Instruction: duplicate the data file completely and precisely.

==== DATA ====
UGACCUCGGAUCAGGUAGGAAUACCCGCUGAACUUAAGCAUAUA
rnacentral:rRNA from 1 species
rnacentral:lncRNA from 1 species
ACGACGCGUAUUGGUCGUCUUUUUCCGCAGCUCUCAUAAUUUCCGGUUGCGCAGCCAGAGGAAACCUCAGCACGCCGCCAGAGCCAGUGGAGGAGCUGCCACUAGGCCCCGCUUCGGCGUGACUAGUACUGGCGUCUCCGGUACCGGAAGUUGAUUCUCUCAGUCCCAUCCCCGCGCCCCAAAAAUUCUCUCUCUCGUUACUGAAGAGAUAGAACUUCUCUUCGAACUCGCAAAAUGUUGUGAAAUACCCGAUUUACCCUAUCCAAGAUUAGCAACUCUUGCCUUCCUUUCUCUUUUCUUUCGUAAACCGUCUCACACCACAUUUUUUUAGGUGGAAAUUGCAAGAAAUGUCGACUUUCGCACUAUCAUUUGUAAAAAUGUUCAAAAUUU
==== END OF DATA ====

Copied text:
UGACCUCGGAUCAGGUAGGAAUACCCGCUGAACUUAAGCAUAUA
rnacentral:rRNA from 1 species
rnacentral:lncRNA from 1 species
ACGACGCGUAUUGGUCGUCUUUUUCCGCAGCUCUCAUAAUUUCCGGUUGCGCAGCCAGAGGAAACCUCAGCACGCCGCCAGAGCCAGUGGAGGAGCUGCCACUAGGCCCCGCUUCGGCGUGACUAGUACUGGCGUCUCCGGUACCGGAAGUUGAUUCUCUCAGUCCCAUCCCCGCGCCCCAAAAAUUCUCUCUCUCGUUACUGAAGAGAUAGAACUUCUCUUCGAACUCGCAAAAUGUUGUGAAAUACCCGAUUUACCCUAUCCAAGAUUAGCAACUCUUGCCUUCCUUUCUCUUUUCUUUCGUAAACCGUCUCACACCACAUUUUUUUAGGUGGAAAUUGCAAGAAAUGUCGACUUUCGCACUAUCAUUUGUAAAAAUGUUCAAAAUUU